By Dr. Ted Achacoso
Researchers at the Winship Cancer Institute of Emory University (Georgia, USA), have discovered a more effective drug delivery system using nanotechnology that could one day significantly affect cancer prevention. Dong Moon Shin and colleagues encapsulated microscopic amounts of luteolin, a naturally-occurring antioxidant compound found abundantly in green vegetables, in a water-soluble polymer. When injected into mice, the nano-luteolin inhibited growth of lung cancer and head and neck cancer cells. Whereas large quantities of luteolin would need to be consumed to be effective, by concentrating the compound into a nanoparticle and making it easy to dissolve in water, researchers conclude nano-luteolin has immense potential for future human studies of chemoprevention – a technique currently in-use to help stop the recurrence of cancer in patients and reduce the risk of cancer in others. The study authors submit that: “Our results suggest that nanoparticle delivery of naturally-occurring dietary agents like luteolin has many advantages and may have potential application in chemoprevention in clinical settings.”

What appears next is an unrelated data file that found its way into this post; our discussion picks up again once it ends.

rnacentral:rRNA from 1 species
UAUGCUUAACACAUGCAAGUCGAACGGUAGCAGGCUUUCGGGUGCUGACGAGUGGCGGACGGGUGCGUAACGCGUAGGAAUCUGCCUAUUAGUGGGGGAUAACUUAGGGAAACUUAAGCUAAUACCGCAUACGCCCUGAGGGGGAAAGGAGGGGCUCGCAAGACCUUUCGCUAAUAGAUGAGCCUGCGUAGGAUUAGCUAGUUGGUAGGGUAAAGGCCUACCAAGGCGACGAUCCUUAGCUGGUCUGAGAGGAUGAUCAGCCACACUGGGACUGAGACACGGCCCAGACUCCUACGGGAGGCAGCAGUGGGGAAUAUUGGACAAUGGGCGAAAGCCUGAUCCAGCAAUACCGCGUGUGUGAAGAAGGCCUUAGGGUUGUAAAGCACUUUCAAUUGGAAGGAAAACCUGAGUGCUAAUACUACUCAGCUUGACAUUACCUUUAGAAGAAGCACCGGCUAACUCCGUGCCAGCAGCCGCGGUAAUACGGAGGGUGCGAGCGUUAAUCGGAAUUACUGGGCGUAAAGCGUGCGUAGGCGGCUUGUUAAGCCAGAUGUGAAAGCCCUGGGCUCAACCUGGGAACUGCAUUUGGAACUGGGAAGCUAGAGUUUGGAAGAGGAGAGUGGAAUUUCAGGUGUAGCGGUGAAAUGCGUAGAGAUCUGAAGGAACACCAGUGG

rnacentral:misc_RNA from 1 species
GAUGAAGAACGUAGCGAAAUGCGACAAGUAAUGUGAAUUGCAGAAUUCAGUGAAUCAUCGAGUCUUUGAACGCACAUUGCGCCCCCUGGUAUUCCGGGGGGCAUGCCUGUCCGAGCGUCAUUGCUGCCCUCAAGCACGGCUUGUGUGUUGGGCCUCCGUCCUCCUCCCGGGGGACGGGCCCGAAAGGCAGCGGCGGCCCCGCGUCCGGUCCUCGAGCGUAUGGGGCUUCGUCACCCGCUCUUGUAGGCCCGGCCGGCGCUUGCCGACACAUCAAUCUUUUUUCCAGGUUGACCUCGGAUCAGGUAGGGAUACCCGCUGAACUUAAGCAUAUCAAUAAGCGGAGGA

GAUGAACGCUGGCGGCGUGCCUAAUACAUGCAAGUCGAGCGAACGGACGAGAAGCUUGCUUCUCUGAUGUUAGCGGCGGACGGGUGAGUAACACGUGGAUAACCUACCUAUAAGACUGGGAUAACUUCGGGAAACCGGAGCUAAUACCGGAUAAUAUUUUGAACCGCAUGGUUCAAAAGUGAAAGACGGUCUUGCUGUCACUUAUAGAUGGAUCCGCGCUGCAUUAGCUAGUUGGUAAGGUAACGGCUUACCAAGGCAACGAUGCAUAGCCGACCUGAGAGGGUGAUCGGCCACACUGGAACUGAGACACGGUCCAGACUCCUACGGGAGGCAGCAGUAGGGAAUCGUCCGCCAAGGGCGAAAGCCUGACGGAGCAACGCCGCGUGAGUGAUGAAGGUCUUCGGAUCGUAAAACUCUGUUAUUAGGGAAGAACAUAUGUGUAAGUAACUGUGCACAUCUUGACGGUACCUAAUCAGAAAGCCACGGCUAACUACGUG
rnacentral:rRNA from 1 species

Drug delivery is a big area of research that is now being implemented in the delivery of supplements. And supplements are now being delivered effectively like drugs to inhibit, as in this mouse study, lung cancer. Wanna eat luteolin? Try broccoli, celery, parsely, green pepper, and chamomile tea!
Reference: Debatosh Majumdar, Kyung-Ho Jung, Hongzheng Zhang, Sreenivas Nannapaneni, Xu Wang, Dong M. Shin, et al. “Luteolin Nanoparticle in Chemoprevention: In Vitro and In Vivo Anticancer Activity.” Cancer Prev Res, January 2014; 7:65-73.